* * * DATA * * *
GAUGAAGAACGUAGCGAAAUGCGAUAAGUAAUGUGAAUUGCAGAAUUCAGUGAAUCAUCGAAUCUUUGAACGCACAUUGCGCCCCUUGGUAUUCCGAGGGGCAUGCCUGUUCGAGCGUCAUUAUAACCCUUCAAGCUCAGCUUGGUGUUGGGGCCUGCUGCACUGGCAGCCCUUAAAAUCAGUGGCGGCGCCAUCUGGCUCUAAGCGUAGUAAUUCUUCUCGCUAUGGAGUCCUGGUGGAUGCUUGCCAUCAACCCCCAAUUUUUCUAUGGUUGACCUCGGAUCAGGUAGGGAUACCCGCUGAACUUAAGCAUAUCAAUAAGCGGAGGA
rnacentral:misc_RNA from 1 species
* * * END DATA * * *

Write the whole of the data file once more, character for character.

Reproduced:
GAUGAAGAACGUAGCGAAAUGCGAUAAGUAAUGUGAAUUGCAGAAUUCAGUGAAUCAUCGAAUCUUUGAACGCACAUUGCGCCCCUUGGUAUUCCGAGGGGCAUGCCUGUUCGAGCGUCAUUAUAACCCUUCAAGCUCAGCUUGGUGUUGGGGCCUGCUGCACUGGCAGCCCUUAAAAUCAGUGGCGGCGCCAUCUGGCUCUAAGCGUAGUAAUUCUUCUCGCUAUGGAGUCCUGGUGGAUGCUUGCCAUCAACCCCCAAUUUUUCUAUGGUUGACCUCGGAUCAGGUAGGGAUACCCGCUGAACUUAAGCAUAUCAAUAAGCGGAGGA
rnacentral:misc_RNA from 1 species